Sidebar: And then the savages come
Nestled amongst the RANDomness is a sidebar that hints at the savagery of your average Afghan tribesman. In referencing the Times article, Quinlivan speaks for those who will not: “An unspoken additional worry is mutilation of the dead, an Afghan practice that Winston Churchill described as adding ‘to unphilosophic minds, another terror to death.’” Nothing like Orientalized speculation about the acts of savages to underscore premises about why the Afghan government should cede some territory. Makes one miss Kipling a bit.
When you’re wounded and left on Afghanistan’s plains
An’ the women come out to cut up what remains,
Jest roll to your right an’ blow out your brains.
An’ go to your Gawd like a soldier.
Welcome to the graveyard of Western enlightenment.
Quinlivan depicts Helmand as an unnecessary backwater, a part of the country the Afghans could afford to lose, since it’s not easily defensible. He argues that Helmand is a total loss, and holding it is the result of international pressure. He worries that the “emotional investment of outside sponsors predisposes Kabul to defend all that was once held. But only a few places in Helmand are important in their own right, and many are simply killing grounds, places never secured by the government as a result of the Taliban’s ability to mass fighters in Helmand on short notice.”
Except that Helmand is terribly important in the perception war. Holding Helmand is consequential to making the case that the Afghan government can not only keep the Taliban at bay, but they can push it back. Which is the kind of war being fought here. It’s an unfortunate fact of modern war, that one gains and loses the same hill several times over because some general decided that this should be so. It’s true for Afghan forces, for coalition forces, and it’s also true for the Taliban. What Quinlivan doesn’t explain is why Helmand isn’t all that important.
If one is measuring it in terms of strategic ground the holding of which means you can choke off Afghanistan, then no, it’s not that important at all. As one of the key centers of the insurgency that the Kabul government needs to prove it can clear and hold? You’re going to want to hold on to it. Could the Taliban be brought to the table if they still held Helmand? Not likely. If they can still hold the seat of the insurgency that caused all the trouble in the first place, why should they come in from the cold?
Syrianistan? Not a country
In so many ways, the situation in Syria is nothing like what’s happening in Afghanistan. Quinlivan’s analysis depicts two governments facing nearly identical situations. Except that the Taliban are in no way related to ISIS, beyond being a fighting force that wants to overthrow current governments. And they both hew to a certain intolerant interpretation of Islam. It’s there that the similarities end.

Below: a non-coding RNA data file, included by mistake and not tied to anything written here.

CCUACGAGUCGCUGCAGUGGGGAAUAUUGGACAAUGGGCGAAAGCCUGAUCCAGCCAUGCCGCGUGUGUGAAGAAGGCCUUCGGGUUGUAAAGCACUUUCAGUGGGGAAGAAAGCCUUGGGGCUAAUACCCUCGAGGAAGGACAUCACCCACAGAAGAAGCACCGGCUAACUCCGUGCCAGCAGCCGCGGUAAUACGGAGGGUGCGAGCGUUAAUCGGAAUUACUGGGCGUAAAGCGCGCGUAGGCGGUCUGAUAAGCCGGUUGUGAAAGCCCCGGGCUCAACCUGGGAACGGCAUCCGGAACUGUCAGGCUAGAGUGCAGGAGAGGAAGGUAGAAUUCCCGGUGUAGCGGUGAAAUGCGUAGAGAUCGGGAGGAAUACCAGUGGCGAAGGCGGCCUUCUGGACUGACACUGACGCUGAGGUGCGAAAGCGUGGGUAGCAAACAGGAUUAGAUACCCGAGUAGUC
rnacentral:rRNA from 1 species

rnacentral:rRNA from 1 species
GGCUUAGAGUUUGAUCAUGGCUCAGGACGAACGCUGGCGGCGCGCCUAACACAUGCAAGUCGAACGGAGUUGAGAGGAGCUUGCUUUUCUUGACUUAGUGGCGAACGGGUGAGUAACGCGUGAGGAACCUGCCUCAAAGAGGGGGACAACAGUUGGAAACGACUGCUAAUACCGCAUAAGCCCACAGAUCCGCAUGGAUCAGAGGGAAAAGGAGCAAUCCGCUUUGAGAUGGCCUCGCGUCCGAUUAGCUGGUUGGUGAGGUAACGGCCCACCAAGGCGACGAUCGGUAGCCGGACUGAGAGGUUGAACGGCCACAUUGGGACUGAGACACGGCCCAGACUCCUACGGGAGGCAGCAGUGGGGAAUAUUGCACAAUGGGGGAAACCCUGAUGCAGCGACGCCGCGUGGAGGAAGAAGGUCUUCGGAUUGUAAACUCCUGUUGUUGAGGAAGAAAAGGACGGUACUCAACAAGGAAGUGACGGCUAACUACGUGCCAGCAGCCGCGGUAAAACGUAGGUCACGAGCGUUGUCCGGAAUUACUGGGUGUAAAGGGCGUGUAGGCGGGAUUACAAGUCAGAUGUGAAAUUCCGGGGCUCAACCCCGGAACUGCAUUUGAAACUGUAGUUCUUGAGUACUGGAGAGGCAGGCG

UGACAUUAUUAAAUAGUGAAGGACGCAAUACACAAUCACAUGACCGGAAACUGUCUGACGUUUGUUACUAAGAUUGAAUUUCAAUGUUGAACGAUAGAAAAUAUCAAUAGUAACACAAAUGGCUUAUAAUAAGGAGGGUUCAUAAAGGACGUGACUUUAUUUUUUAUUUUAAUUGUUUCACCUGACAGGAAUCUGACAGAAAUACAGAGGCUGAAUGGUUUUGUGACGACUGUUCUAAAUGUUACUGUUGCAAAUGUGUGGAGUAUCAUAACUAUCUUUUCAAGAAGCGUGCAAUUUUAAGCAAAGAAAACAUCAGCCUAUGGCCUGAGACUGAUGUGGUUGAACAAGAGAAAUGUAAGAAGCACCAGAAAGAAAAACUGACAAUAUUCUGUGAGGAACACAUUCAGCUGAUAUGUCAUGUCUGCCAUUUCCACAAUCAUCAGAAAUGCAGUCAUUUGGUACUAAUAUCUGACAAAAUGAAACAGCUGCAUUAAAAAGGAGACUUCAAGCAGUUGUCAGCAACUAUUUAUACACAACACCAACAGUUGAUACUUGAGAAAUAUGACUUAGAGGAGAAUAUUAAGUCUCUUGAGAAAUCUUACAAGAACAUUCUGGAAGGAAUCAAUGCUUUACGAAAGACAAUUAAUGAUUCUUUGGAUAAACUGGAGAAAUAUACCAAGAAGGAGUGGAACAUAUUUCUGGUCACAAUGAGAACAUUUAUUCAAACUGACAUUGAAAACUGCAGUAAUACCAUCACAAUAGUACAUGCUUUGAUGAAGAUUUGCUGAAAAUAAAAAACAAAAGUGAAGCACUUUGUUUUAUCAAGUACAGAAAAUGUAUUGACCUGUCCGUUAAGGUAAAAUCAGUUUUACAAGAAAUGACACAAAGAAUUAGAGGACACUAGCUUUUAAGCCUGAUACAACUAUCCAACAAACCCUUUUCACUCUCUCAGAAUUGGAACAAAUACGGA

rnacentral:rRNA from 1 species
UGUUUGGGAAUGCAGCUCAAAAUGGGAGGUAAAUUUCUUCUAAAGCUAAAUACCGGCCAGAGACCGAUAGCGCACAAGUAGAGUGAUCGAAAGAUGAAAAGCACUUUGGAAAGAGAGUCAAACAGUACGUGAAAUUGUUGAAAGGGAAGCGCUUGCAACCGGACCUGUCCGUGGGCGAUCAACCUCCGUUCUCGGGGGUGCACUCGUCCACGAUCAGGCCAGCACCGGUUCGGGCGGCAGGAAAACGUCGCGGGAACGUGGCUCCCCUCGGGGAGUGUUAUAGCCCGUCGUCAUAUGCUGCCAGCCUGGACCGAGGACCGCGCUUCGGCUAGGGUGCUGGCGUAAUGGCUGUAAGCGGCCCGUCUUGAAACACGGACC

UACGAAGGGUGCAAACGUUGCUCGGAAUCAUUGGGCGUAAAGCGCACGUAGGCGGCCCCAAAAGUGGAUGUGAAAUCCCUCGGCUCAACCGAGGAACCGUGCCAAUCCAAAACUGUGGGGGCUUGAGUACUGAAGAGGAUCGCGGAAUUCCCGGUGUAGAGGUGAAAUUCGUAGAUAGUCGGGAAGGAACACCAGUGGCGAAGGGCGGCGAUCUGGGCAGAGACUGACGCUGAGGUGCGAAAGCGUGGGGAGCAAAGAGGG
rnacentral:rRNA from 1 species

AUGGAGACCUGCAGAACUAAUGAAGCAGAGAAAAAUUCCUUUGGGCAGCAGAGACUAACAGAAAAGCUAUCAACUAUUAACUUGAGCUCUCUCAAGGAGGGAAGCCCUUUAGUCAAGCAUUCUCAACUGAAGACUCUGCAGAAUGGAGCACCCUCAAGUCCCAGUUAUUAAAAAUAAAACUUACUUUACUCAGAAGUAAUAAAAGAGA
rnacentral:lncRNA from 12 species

ISIS has proven remarkably adept at holding the ground it clears. And is putting some effort into building even more. The Taliban have demonstrated no such capabilities, and nearly every territory they’ve taken from the Afghan government, the Afghan government has then taken back. Of course as soon as the military leaves to go fight Taliban elsewhere, they return. It’s a simple formula: clear, hold, build. While the Taliban are busy clearing out Afghan forces, they’re finding it terribly hard to hold and impossible to build.
Drawing parallels between the two groups is intellectually disingenuous, the kind of analysis that populates Soldier of Fortune op-eds. Assad’s decision is based on being faced with a determined foe led by professional military minds, the ghosts of interventions past. While the Taliban love to show off the Hiluxes and Humvees they manage to seize, that doesn’t mean they’re a cohesive fighting force on par with the Islamic State. Just because you think Islamic militants are all the same, doesn’t make it so.
Someone unblock the Googling machine
Friends don’t let friends read bad analysis. Analysis like this is obnoxious on a good day and dangerous on a bad one, when someone reads the tea leaves all wrong and we invade the wrong country. Twice. If this were a matter of opinion, I’d let this go. I read a lot of Afghanisan-related stuff, and I’ve learned over time to let the op-eds drift by.
This kind of thing is different. It’s not an opinion, it’s reasoned analysis done by someone who does such analysis professionally. It’s published in an online forum that appears to be respected by folks who know about these sorts of things. And I like to think they’re better than this.
Analysis this wrong is how we screw up places like Afghanistan. And Iraq. And Syria. And Liberia. And Libya. And Nicaragua. And El Salvador. And the Philippines. And Vietnam. I’d like to think that our decision makers are basing their actions on something other than 50 Shades of Kipling. Our collective experience has not borne that out. We like our analysis like we like our beer: simple and easy to swallow. Great for booze, bad for interventions.
If we’d never set foot in Helmand in the first place, Quinlivan’s spot on, at least about giving ground to gain a win. We made Helmand part of the plan too long ago to turn back now. What needs to happen now is a concerted effort by both the coalition and their Afghan counterparts to bolster forces in Helmand. Which means a greater involvement than a few air strikes in support of Afghan troop movements.
Chances are we’re too late in a timeline-driven war to do that. Unless Obama can spin this as a counter-terror mission where we have a chance to counter ISIS in Afghanistan (which he will), little is going to change in terms of the American withdrawal here. Afghanistan stands a chance of becoming the “good war” again if the US is able to stop the Daesh threat here in the graveyard of kinetic surges. As it stands now, Helmand is just going to be another meat grinder where halfway efforts by the coalition will only lead to more Afghan deaths. The intervention is dead, long live the intervention.
Also published on Medium.